Australian teen attacked by 'sea fleas' is rushed to the hospital

An Australian teenager who went for a swim at the beach was rushed to the hospital after tiny “sea fleas” left hundreds of gashes in his feet.

Sam Kanizay, 16, was sore from playing soccer on Saturday, and decided to dip his feet in the waters of Dendy Street Beach in the suburbs of Melbourne.

When he emerged from the water a half hour later, his feet and ankles were covered in hundreds of pin holes that would not stop bleeding.

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Sam Kanizay receives treatment in a Melbourne Hospital

(JARROD KANIZAY HANDOUT/EPA)

His father Jarrod Kanizay rushed him to the hospital, where doctors managed to stop the bleeding even though they had no idea what caused the wounds.

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Jarrod Kanizay then returned to the beach the next night wearing two layers of wet suits to protect his legs from the amphipods commonly known as “sea fleas” as he lowered a net full of meat into the water.

Sam was bitten by crustaceans called amphipods, which usually eat decomposing plant and animal scraps

Sam was bitten by crustaceans called amphipods, which usually eat decomposing plant and animal scraps

(JARROD KANIZAY/AFP/Getty Images)

Sure enough, thousands of the critters measuring just 2 millimeters long swarmed around and feasted on the meat.

“What is really clear is these little things really love meat,” he said.

Tenager Sam Kanizay's feet are seen covered in  hundreds of bleeding little pin holes.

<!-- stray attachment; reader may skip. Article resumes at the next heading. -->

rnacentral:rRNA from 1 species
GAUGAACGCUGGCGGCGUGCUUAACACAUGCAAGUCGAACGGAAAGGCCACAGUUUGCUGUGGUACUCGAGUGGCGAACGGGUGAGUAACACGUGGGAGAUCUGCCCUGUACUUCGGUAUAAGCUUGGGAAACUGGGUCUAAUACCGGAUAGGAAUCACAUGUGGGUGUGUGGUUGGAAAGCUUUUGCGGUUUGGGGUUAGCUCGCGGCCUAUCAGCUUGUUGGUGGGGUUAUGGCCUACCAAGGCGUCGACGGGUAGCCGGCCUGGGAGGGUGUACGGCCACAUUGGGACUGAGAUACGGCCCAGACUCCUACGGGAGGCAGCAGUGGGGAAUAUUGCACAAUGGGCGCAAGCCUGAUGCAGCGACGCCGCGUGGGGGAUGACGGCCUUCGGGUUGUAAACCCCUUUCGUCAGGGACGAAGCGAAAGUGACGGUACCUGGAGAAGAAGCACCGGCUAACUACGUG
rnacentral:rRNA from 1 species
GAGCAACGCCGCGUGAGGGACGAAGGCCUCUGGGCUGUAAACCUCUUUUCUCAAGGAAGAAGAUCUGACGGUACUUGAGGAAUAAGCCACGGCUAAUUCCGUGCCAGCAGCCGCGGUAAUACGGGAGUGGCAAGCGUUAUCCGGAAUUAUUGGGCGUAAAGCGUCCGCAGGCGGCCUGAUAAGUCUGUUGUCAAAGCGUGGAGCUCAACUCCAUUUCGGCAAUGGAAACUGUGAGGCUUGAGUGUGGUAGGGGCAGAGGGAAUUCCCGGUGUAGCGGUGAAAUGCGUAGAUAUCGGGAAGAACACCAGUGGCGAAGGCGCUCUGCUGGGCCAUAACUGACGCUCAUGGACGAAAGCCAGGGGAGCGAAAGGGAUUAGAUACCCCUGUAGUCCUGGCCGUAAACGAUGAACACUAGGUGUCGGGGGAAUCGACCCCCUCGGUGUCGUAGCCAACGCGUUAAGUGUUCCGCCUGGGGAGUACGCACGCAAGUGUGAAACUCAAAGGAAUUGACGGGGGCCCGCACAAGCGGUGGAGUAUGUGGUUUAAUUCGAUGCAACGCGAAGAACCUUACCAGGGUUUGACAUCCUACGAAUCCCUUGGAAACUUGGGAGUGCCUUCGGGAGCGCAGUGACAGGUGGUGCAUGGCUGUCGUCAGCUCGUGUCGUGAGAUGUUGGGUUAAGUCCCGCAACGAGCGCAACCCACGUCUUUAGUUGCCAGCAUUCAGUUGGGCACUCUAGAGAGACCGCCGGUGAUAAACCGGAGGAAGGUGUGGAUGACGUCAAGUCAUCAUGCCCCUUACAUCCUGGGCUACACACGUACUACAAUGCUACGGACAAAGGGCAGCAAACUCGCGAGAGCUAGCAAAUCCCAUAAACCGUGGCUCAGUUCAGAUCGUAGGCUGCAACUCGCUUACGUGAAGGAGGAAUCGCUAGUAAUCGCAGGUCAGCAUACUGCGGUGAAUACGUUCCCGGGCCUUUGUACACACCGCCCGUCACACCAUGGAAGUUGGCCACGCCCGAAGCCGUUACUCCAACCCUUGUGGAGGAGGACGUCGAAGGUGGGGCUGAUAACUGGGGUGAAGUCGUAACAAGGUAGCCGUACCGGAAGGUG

Tenager Sam Kanizay’s feet are seen covered in hundreds of bleeding little pin holes.

(AP)

Experts were intially stumped but marine biologist Genefor Walker-Smith, who examined the sample collected by Jarrod Kanizay, concluded the critters were crustaceans called amphipods, which usually eat decomposing plant and animal scraps.

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Thomas Cribb, a parasite expert from the University of Queensland, said it was very unusual for amphipods to cause such extensive bleeding.

IMAGE MADE FROM VIDEO, AUSTRALIA OUT

Sam Kanizay holding a jar filled with the “sea fleas” his father collected

(AP)

“It’s not a parasite I’ve ever come across,” he said.

But Walker-Smith said: ‘It’s possible the amphipods contained an anti-coagulant, which would account for the inability to stop the flowing blood and that the very cold water may be the reason Sam didn’t feel the bites.”

IMAGE MADE FROM VIDEO, AUSTRALIA OUT

Sam Kanizay’s legs are bandaged after “sea fleas” left his feet and ankles bleeding profusely after a dip at the beach

(AP)

The amphipods are not venomous and Sam, who was still hospitalized on Monday, has been taken off antibiotics.

Tags:
australia
animals

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